Maybe they'll feel differently after viewing the tape. Or if they embark on a significant winning streak. Or if Southern California proves unbeatable.
But in the immediate aftershock of their nationally televised football flogging Saturday, Virginia's Cavaliers were disgusted.
"Our attitude about our team is, it's not OK to play like that," coach Al Groh said.
Correct on both counts.
No matter how many Usain Bolts the third-ranked Trojans have at running back and wide receiver, and regardless of all the LaShawn Merritts they boast at linebacker and safety, some breakdowns can't be excused.
Like allowing a fourth-and-1 toss sweep to become a 33-yard touchdown.
Like watching a receiver run virtually uncovered on a post route that turns into a 49-yard score.
Like netting 32 yards on your first 15 plays.
Like fumbling away a simple shotgun snap.
So transpired the Cavaliers' most lopsided loss in 21 years, the worst at home in 24.
USC scored touchdowns on its first three possessions, outscored Virginia 28-0 after intermission and outrushed the Cavaliers 218-32.
"It wouldn't be right for me or anybody to say that anybody played well today," Groh said.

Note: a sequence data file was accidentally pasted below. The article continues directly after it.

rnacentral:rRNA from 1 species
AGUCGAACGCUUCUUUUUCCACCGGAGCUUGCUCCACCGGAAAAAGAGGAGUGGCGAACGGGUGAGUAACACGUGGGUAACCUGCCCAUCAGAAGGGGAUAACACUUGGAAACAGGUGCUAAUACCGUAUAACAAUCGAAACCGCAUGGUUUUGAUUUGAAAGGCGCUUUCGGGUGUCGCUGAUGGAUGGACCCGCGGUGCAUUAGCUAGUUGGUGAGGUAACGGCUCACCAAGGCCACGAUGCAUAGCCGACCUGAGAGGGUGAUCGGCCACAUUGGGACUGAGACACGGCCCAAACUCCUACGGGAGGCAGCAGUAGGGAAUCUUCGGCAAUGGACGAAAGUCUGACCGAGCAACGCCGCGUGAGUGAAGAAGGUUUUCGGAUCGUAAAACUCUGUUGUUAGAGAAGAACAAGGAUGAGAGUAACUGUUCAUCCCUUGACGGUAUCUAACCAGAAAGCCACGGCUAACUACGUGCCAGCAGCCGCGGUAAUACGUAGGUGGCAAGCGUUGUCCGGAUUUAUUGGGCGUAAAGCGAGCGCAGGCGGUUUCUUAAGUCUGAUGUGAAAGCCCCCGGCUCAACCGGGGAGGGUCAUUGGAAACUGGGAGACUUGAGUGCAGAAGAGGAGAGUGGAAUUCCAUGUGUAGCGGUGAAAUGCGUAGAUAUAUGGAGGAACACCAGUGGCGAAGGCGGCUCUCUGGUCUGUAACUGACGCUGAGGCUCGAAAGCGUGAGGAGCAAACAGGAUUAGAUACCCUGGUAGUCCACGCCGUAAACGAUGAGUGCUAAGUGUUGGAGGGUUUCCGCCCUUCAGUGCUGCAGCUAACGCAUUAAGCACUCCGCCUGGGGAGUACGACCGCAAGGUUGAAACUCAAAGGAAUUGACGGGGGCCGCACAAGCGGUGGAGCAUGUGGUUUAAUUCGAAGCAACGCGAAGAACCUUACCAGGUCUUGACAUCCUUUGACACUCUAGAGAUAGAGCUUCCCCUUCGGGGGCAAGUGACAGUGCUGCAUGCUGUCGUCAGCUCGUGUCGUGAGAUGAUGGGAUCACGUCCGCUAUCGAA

Indeed, why try to sugarcoat it?
Sure, Mikell Simpson outraced the Trojans' defense to the left pylon on a 7-yard, first-quarter touchdown sprint. And yes, freshman receiver Jared Green caught three passes, and linebacker Antonio Appleby intercepted one.
But those were anomalies.
"We were ready for them," freshman defensive end Matt Conrath said. "We thought."
Truth be told, there's no getting ready for a team of USC's caliber when you play in a second-tier conference such as the ACC and simply aren't accustomed to a game contested at warp speed.
Why, it seemed the Trojans had more top-flight skill folks than Hillary Clinton does glass-ceiling cracks.